Einstein once said, "time, no matter how persistent, is only an illusion." (he also once said "which way to the restroom?" but I digress)
I'm lying in bed with the laptop and... it seems like I just climbed OUT of this bed. Yet, it was 16 hours ago. I work from home, so I don't have a commute or a fixed workday. But recently, and for about 5 months, I took an outside job for 4 hours a day every afternoon. During that period, time really slowed down. My daily routine went as such:
Get up at about 7, do the bathroom stuff, throw on shorts/t-shirt, have breakfast and coffee, head into the recording studio, work until around 12:30, shower, dress AGAIN, drive through a fast-food place for lunch (which was eaten on the commute) get downtown at 1:55 for a 2 o'clock show. At 6, drive home.
It was actually TWO workdays in one. Get up, prepare for work, GO to work, finish... then prepare for work, GO to work, finish, drive home. I don't need to point out the negatives of that scenario, but the positive is that each day seemed like two. And considering how time flies as you get older, that was a good thing!
Now that I've come to my senses and ended my binary career configuration, time is FLYING by again. Part of the reason - I love my job. I'm a voice over artist and it's a blast... and as they say, time flies when you're having fun.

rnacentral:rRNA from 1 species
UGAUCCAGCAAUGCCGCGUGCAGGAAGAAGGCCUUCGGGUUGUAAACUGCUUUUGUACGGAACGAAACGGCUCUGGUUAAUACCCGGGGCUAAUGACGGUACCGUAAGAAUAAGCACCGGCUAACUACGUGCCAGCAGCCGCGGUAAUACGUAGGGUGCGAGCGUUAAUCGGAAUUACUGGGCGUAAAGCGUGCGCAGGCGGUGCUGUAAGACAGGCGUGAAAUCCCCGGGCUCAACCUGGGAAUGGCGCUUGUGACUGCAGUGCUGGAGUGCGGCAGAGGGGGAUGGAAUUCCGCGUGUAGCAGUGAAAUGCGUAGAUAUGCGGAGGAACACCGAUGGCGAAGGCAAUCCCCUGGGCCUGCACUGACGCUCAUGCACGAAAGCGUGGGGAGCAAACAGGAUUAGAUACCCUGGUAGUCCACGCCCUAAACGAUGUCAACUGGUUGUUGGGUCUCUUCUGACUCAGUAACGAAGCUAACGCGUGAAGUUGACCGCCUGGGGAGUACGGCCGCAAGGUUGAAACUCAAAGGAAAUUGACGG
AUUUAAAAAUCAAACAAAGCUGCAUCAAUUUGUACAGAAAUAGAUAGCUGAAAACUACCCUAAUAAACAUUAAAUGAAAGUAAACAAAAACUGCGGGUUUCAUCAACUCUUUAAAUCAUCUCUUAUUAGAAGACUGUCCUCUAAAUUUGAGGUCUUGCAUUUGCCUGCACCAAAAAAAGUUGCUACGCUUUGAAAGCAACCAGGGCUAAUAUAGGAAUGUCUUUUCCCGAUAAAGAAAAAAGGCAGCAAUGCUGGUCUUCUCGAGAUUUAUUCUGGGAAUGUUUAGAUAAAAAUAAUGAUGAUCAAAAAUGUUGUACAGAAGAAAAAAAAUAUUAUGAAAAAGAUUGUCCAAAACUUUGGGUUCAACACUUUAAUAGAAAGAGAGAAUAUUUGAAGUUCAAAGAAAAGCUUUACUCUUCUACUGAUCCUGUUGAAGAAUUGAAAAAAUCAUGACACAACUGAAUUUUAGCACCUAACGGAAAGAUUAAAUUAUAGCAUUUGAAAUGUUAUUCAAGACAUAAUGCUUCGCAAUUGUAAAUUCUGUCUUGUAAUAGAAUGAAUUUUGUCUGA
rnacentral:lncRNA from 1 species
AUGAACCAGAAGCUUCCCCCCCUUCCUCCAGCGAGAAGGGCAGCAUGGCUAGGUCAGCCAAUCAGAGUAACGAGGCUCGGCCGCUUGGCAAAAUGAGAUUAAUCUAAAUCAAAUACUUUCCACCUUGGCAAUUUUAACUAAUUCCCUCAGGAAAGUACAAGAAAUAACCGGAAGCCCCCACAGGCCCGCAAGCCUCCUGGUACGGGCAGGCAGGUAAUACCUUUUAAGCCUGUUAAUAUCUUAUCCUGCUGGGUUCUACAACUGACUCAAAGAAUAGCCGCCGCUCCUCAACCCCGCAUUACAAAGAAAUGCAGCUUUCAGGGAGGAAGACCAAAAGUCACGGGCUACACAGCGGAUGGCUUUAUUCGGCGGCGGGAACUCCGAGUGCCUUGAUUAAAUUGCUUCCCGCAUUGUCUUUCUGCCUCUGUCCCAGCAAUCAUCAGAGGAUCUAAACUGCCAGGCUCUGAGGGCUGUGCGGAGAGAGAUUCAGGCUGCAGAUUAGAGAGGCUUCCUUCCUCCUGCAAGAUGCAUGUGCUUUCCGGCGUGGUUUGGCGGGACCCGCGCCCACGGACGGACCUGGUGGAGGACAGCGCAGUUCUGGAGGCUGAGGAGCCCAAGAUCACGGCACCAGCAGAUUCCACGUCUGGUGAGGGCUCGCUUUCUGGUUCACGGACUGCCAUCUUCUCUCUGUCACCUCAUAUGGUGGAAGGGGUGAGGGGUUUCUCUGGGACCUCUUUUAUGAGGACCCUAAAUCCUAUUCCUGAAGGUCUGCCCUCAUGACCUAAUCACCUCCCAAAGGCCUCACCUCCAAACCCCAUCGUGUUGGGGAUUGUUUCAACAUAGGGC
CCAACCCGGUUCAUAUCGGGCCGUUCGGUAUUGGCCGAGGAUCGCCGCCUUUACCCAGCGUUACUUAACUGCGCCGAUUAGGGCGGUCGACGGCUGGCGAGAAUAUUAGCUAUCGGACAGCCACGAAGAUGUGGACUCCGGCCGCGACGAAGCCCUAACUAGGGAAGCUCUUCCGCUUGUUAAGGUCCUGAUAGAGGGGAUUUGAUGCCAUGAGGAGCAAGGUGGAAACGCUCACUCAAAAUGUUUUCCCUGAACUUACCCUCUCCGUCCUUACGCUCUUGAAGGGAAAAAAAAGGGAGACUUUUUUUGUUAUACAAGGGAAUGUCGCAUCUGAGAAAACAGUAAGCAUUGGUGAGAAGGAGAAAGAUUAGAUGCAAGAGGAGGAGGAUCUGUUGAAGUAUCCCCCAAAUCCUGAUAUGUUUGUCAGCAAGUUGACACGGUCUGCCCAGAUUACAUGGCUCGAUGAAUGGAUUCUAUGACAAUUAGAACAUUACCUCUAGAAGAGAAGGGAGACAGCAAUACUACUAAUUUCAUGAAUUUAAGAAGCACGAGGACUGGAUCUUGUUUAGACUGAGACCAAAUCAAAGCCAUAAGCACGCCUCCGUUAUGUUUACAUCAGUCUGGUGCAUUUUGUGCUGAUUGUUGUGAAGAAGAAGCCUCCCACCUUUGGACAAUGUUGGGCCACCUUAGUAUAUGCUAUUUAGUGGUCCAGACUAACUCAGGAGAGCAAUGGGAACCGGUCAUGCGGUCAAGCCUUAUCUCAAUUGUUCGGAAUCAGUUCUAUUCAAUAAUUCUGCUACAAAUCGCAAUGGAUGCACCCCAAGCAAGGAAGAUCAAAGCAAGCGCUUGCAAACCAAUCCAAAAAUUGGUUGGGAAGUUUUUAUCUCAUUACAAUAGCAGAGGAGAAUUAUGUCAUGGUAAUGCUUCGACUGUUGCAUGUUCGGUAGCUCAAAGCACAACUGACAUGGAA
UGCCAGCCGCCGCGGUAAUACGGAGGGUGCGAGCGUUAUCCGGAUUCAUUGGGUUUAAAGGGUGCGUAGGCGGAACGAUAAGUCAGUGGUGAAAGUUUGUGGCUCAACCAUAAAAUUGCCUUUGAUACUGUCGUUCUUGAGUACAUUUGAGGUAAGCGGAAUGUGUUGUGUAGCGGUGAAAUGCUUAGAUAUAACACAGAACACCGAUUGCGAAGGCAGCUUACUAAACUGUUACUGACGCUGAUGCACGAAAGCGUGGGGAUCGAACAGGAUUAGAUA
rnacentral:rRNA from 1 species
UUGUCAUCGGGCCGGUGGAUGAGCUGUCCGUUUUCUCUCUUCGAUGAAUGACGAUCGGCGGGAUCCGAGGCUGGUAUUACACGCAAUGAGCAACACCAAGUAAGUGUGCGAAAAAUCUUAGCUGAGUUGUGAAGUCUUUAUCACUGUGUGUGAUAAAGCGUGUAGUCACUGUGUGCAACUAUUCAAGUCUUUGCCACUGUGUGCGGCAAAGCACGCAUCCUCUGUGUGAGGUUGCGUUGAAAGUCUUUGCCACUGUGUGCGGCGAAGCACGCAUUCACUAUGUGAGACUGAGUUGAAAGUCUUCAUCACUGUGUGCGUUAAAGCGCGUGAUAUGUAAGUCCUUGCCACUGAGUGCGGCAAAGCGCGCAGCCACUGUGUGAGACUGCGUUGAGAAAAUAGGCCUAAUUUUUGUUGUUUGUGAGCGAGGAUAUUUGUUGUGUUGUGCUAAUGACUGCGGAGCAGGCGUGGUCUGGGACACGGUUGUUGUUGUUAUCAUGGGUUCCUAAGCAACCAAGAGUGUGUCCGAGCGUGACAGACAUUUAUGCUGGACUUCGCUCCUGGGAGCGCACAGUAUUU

So how can I solve the problem and decelerate my day? My only recourse, as I see it, is to take regular breaks to do something I hate.
A short list of possibilities:
- Watch shopping channel for 1 hour
- Rake leaves and put them in my pants
- Scratch chalkboard with fingernails
- Mall shopping with Ernest Borgnine
- Pick up dog poop from yard with hands tied behind my back
- Assault my own skull with a blunt instrument until I lose consciousness, wake up, repeat
Maybe I could spend time watching water come to a boil or counting marbles in a jar. I do have a frustratingly large box of christmas lights to untangle, THAT should slow the day down a bit. Hmmm.
Okay, maybe I need to stop thinking about it and just accept life's brutally fast tempo. It was, after all, Einstein who said:
"I never think of the future. It comes soon enough."